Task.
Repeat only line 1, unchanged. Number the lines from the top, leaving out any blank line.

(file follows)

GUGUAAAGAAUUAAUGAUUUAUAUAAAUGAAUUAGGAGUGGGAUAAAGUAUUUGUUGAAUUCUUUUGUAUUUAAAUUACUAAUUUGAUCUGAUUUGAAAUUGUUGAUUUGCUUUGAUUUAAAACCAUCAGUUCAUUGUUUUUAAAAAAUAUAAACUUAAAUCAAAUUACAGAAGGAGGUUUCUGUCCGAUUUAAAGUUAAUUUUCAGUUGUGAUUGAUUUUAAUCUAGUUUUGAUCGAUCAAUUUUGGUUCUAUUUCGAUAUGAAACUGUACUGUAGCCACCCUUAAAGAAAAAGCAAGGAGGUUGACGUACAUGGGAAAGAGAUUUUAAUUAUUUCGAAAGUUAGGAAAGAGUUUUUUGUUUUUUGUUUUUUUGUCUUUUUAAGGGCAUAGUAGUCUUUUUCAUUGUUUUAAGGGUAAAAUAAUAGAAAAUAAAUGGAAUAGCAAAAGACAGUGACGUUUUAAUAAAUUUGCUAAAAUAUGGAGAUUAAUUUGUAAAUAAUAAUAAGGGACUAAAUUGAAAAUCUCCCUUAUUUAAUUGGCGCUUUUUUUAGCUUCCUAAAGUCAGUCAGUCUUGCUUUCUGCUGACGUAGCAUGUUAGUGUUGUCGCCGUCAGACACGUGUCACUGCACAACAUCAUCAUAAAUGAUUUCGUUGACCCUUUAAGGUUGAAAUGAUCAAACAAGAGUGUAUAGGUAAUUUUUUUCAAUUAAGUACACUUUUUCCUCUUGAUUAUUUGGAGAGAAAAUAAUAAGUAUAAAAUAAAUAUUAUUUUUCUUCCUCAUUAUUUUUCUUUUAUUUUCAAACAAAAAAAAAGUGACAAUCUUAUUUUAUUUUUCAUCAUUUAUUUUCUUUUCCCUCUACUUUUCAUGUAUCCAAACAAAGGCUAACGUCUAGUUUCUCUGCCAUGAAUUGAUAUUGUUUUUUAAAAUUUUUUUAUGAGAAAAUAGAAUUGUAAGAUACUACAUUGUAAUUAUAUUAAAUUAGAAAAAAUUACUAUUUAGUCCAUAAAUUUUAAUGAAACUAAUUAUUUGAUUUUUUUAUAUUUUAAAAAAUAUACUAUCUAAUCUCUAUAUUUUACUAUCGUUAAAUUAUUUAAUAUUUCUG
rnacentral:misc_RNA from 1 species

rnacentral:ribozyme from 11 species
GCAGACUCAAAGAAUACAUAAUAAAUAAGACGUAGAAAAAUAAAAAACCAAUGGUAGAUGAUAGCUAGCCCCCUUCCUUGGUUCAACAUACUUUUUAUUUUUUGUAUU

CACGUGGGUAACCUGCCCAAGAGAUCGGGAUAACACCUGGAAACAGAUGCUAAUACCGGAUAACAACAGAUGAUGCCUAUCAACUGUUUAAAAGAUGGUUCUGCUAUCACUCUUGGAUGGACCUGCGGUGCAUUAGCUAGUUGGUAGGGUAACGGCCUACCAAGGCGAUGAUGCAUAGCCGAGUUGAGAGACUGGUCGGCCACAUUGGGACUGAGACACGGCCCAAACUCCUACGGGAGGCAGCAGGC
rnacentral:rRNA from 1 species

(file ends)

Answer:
GUGUAAAGAAUUAAUGAUUUAUAUAAAUGAAUUAGGAGUGGGAUAAAGUAUUUGUUGAAUUCUUUUGUAUUUAAAUUACUAAUUUGAUCUGAUUUGAAAUUGUUGAUUUGCUUUGAUUUAAAACCAUCAGUUCAUUGUUUUUAAAAAAUAUAAACUUAAAUCAAAUUACAGAAGGAGGUUUCUGUCCGAUUUAAAGUUAAUUUUCAGUUGUGAUUGAUUUUAAUCUAGUUUUGAUCGAUCAAUUUUGGUUCUAUUUCGAUAUGAAACUGUACUGUAGCCACCCUUAAAGAAAAAGCAAGGAGGUUGACGUACAUGGGAAAGAGAUUUUAAUUAUUUCGAAAGUUAGGAAAGAGUUUUUUGUUUUUUGUUUUUUUGUCUUUUUAAGGGCAUAGUAGUCUUUUUCAUUGUUUUAAGGGUAAAAUAAUAGAAAAUAAAUGGAAUAGCAAAAGACAGUGACGUUUUAAUAAAUUUGCUAAAAUAUGGAGAUUAAUUUGUAAAUAAUAAUAAGGGACUAAAUUGAAAAUCUCCCUUAUUUAAUUGGCGCUUUUUUUAGCUUCCUAAAGUCAGUCAGUCUUGCUUUCUGCUGACGUAGCAUGUUAGUGUUGUCGCCGUCAGACACGUGUCACUGCACAACAUCAUCAUAAAUGAUUUCGUUGACCCUUUAAGGUUGAAAUGAUCAAACAAGAGUGUAUAGGUAAUUUUUUUCAAUUAAGUACACUUUUUCCUCUUGAUUAUUUGGAGAGAAAAUAAUAAGUAUAAAAUAAAUAUUAUUUUUCUUCCUCAUUAUUUUUCUUUUAUUUUCAAACAAAAAAAAAGUGACAAUCUUAUUUUAUUUUUCAUCAUUUAUUUUCUUUUCCCUCUACUUUUCAUGUAUCCAAACAAAGGCUAACGUCUAGUUUCUCUGCCAUGAAUUGAUAUUGUUUUUUAAAAUUUUUUUAUGAGAAAAUAGAAUUGUAAGAUACUACAUUGUAAUUAUAUUAAAUUAGAAAAAAUUACUAUUUAGUCCAUAAAUUUUAAUGAAACUAAUUAUUUGAUUUUUUUAUAUUUUAAAAAAUAUACUAUCUAAUCUCUAUAUUUUACUAUCGUUAAAUUAUUUAAUAUUUCUG